A series of studies was conducted during 2 years with various environmental and management conditions to investigate the effect of herbicides on rooting of Kentucky bluegrass (Poa pratensis L.). Benefin at 2.2 and 3.4 kg·ha−1, pendimethalin at 1.7 and 3.4 kg·ha−1, and DCPA at 11.8 and 16.8 kg·ha−1 inhibited rooting when tillers were grown in tubes in a greenhouse. Inhibition was greater in the upper 14 cm of the profile than deeper down. Prodiamine at 0.6 and 1.1 kg·ha−1 consistently reduced clipping weights and verdure. However, none of the treatments inhibited rooting in the field in the two years of the study. Chemical names used: N-butyl-N-ethyl-2,6-dinitro-4-(trifluoromethyl)benzenamine (benefin); dimethyl 2,3,5,6-tetrachIoro-1,4-benzenedicarboxylate (DCPA); (±)-2-[4-[(6-chloro-2-benzoxazolyl)oxy]-phen-oxy]propanoic acid (fenoxaprop); N-(1-ethylpropyl)-3,4-dimethyl-2,6-dinitrobenzenamine (pendimethalin); N3,N3-di-n-propyl-2,4-dinitro-6-(triflouromethyl)-m-phenylenediamine (prodiamine).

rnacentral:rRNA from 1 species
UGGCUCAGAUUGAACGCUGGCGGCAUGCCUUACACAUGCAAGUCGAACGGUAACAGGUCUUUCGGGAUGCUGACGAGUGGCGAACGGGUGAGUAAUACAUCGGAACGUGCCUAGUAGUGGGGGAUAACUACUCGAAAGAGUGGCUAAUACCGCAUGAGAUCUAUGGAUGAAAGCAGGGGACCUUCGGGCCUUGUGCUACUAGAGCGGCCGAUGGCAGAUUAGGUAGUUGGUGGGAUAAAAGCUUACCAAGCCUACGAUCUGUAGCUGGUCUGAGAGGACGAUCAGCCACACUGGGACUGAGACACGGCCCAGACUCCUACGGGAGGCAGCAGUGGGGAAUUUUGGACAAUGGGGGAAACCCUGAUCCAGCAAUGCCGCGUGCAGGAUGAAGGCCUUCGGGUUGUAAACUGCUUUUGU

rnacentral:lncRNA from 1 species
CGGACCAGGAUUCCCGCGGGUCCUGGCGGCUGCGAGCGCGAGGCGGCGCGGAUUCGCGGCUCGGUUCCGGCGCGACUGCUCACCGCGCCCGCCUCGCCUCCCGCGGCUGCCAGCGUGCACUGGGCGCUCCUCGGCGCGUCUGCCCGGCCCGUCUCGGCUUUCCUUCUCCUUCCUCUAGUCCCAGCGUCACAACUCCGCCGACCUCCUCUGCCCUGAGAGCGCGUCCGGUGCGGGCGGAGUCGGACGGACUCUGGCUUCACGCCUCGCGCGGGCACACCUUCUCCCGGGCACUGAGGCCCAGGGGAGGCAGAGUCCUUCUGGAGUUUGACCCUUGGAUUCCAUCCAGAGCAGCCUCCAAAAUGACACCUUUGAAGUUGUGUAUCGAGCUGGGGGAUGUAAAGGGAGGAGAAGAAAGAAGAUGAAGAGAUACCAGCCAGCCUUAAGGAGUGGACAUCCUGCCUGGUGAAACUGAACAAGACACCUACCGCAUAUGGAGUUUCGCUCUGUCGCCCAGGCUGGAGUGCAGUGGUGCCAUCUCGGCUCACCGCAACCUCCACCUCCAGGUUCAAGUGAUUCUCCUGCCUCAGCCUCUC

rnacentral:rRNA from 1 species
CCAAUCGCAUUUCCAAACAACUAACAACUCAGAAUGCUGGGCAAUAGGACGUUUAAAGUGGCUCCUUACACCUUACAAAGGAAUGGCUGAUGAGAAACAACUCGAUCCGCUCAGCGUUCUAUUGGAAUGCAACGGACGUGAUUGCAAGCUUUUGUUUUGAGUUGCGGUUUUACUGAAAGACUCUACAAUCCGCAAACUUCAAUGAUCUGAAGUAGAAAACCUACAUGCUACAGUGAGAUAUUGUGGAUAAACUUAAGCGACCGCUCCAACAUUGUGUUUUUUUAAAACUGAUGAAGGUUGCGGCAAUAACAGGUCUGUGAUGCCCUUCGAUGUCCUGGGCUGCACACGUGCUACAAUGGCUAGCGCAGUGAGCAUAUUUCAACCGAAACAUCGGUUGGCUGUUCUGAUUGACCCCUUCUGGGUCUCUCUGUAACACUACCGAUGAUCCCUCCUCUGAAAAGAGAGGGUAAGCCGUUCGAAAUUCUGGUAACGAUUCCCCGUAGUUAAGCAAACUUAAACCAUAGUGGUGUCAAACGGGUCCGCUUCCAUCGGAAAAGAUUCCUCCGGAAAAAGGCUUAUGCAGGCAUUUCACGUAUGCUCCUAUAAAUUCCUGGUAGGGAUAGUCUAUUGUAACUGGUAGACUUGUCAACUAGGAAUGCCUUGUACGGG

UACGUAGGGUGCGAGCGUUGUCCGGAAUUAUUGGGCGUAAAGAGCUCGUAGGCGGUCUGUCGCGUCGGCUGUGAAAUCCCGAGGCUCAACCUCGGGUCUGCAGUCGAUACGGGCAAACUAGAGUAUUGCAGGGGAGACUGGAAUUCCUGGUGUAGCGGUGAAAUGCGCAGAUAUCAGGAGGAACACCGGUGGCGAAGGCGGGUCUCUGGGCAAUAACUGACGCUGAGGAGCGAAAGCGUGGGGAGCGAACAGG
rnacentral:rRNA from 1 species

The objectives of this study were to determine the effects of high P applications on `Baron', Kentucky bluegrass (Poa pratensis L.) turf quality, chlorophyll content, soil test levels of P and K, and foliar nutrient concentration. In this 5-year field study, P was applied at 0, 22, 43, 86, 172, or 258 kg·ha-1·year-1 using triple superphosphate (210 g P/kg) in single-applications in May. Phosphorus applications did not affect overall yearly quality, chlorophyll content, or soil pH, but increased available soil P and reduced available soil K and Cu concentration in clippings.